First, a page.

Fatty Infiltrate of the Lumbar Multifidus Muscles Predicts Return to Play in Young Athletes With Extension-Based Low Back Pain

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Abstract

Objective:

To evaluate the predictive value of fatty infiltrate of the lumbar multifidus muscles (LMM) for return to play in young athletes with extension-based low back pain (EB LBP).

Design:

Retrospective cohort study.

Setting:

Hospital-based sports medicine practice.

Patients:

Sixty-two athletes, 61.3% female, and 38.7% male, mean age 14.8 years, with a primary complaint of EB LBP who underwent magnetic resonance imaging (MRI); 46.8% had a pars interarticularis stress reaction or fracture and 53.2% were MRI negative.

Interventions:

A musculoskeletal fellowship-trained radiologist reviewed MRI for all subjects and graded the degree of fatty infiltrate of the LMM, using the Goutallier classification system (GCS), at the L4/L5 and L5/S1 levels.

Main Outcome Measure:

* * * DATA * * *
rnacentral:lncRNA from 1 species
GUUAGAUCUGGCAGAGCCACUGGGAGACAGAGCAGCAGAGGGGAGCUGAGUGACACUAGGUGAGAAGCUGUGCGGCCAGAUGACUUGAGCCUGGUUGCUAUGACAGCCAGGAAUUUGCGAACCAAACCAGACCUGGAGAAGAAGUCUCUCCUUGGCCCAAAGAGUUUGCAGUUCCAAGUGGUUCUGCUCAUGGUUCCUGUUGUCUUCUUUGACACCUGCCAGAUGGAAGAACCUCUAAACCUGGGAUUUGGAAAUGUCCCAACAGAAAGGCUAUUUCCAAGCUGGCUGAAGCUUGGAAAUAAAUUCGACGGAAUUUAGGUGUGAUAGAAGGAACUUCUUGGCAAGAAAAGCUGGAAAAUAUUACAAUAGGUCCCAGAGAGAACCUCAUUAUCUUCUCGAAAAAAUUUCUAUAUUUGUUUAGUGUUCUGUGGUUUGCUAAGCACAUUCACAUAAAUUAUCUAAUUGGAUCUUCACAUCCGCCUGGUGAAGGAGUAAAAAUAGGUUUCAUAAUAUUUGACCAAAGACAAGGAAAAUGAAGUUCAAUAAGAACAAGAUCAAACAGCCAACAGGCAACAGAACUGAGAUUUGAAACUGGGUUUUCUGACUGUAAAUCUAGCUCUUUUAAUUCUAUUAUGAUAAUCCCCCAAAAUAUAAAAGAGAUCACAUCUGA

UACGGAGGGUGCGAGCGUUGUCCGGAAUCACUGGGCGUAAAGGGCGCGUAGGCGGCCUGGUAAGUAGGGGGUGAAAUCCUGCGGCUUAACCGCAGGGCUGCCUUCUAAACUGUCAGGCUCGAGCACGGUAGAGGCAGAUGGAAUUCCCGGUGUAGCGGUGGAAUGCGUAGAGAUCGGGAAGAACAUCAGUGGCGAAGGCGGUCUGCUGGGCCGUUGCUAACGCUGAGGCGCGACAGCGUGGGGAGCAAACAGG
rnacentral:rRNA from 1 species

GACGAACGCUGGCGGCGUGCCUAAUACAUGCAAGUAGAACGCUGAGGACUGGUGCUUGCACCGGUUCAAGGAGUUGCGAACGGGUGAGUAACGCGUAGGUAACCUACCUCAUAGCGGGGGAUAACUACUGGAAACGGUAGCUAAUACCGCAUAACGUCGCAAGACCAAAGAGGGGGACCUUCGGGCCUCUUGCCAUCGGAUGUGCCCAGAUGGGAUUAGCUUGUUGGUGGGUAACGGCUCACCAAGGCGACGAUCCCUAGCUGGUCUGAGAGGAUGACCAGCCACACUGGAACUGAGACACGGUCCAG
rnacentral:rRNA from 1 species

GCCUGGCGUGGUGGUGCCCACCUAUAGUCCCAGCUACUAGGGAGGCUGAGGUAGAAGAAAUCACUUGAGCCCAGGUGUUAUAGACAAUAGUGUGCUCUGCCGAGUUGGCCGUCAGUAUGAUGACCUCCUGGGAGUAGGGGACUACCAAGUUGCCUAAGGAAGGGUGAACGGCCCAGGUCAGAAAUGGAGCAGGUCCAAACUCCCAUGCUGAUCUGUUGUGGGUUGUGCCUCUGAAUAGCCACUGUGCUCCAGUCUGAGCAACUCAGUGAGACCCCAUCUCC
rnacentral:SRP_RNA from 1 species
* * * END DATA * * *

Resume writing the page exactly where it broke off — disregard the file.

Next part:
Days to return to play after first MD visit were correlated with the amount of fatty infiltrate in the LMM measured on MRI for each subject.

Results:

When the level of fatty infiltrate increased to a 2 or 3 on the GCS (greater than fatty streaks in the muscle), the predicted probability of return to sport decreased significantly.

Conclusion:

Our study demonstrated that athletes with EB LBP and fatty infiltrate in the LMM had lower odds of return to sport compared with athletes with normal muscle.

Level of Evidence:

II B.

Clinical Relevance:

This study provides sports medicine clinicians with a prognostic tool to help manage young athletes with EB LBP. Clinicians can make decisions regarding rehabilitation and return to play based on MRI findings.

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